LOOK BACK IN TIME: 19th May, 1888

We noticed two amusing pieces from the Isle of Wight Observer published on 19th May, 1888. The first piece demonstrates that revenge is a dish best served cold and the second shows a marked difference in medical practice from today.

NOTES FROM THE “COURT JOURNAL”. A celebrated author hod some black blood in him and was of an unforgiving nature. In his earlier days he received a dire insult from one whom he called his friend. To the surprise of all who knew him he took no apparent notice of the wrong, but, instead, applied himself to looking carefully after the welfare of his friend. He took him with him into society, introduced him here, presented him there, and so continued for three years, the end of which time he stood as “best man” at his friend’s marriage. The wedding-feast being concluded, the author was leaving the house, when an acquaintance joined him, and, as they walked, said, “I have often wished to say how I have wondered at your great kindness to Monsieur X., whom we have just seen married. You have the most forgiving nature that I ever met with. He insulted you grossly some years ago, and yet ever since you have devoted yourself to his happiness, and at last assisted him to get married.” “That’s it precisely,” remarked the author slowly, with a sinister chuckle— “I flatter myself that I have given him the most furious and lynx-eyed mother-in-law in France.”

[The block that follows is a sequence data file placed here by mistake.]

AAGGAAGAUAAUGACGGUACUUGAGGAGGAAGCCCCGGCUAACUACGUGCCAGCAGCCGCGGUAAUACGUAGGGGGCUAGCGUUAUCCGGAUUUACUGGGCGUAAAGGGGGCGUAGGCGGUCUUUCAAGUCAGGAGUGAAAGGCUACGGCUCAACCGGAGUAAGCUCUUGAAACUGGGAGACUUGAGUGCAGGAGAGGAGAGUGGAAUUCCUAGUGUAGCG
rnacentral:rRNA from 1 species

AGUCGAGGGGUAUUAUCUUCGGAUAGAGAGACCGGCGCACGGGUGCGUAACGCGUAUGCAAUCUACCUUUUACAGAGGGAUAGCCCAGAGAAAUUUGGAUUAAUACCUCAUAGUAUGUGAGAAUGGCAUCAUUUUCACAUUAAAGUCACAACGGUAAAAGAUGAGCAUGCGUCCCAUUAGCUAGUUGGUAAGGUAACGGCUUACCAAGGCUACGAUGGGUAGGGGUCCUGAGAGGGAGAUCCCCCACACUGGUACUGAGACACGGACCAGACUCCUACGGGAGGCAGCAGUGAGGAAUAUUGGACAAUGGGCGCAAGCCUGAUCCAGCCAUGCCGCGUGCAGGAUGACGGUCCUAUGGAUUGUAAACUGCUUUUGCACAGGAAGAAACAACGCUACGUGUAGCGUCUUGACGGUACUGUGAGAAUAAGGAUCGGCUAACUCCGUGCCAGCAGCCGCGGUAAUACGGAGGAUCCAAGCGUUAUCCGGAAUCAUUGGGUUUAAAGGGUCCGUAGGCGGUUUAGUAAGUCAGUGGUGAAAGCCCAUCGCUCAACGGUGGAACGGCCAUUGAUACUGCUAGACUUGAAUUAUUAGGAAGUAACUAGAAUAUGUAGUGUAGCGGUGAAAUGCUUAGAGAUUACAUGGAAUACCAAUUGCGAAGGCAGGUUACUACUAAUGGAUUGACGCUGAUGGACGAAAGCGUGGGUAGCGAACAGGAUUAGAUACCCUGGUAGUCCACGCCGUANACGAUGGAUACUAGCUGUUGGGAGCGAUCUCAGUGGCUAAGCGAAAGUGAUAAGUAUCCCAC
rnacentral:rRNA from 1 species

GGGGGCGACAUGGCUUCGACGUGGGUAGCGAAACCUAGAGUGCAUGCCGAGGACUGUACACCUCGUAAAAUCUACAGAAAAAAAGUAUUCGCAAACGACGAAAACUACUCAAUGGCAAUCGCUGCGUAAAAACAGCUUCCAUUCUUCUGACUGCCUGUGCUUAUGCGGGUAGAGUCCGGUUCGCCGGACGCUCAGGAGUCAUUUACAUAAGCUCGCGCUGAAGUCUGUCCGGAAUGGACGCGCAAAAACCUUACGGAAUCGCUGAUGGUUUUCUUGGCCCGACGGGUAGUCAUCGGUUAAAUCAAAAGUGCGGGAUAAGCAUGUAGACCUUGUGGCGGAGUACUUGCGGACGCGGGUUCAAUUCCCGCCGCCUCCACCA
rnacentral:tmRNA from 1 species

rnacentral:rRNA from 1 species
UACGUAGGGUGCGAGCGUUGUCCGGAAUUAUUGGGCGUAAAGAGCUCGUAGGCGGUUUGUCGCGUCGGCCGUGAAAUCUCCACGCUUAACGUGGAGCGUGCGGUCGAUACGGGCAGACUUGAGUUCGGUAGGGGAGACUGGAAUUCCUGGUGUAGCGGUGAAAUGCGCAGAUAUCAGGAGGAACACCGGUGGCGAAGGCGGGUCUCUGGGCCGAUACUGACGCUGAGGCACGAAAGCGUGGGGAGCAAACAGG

WHISKY IN HOSPITALS. Much of the whisky supplied in workhouse and other hospitals is very new, and is often largely oomposed of “patent still whisky or silent spirit.” We perceive that Messrs. W. and A. Gilbey have entered into an arrangement with Mr. John Jameson, the most famous of the Dublin distillers, by which they will in future supply the well-known JJ whisky, six years old at least, in sealed bottles, with labels, guaranteed quality. It would be well if such whisky as this, the quality of which is absolutely guaranteed, were supplied to public institutions instead of the uncertain stuff so often administered to the sick. We understand that the above whisky is bottled under the supervision of Her Majesty’s Excise officers, which offers a perfect guarantee that it is John Jameson’s sole manufacture.—Medical Press and Circular, May 9th, 1888.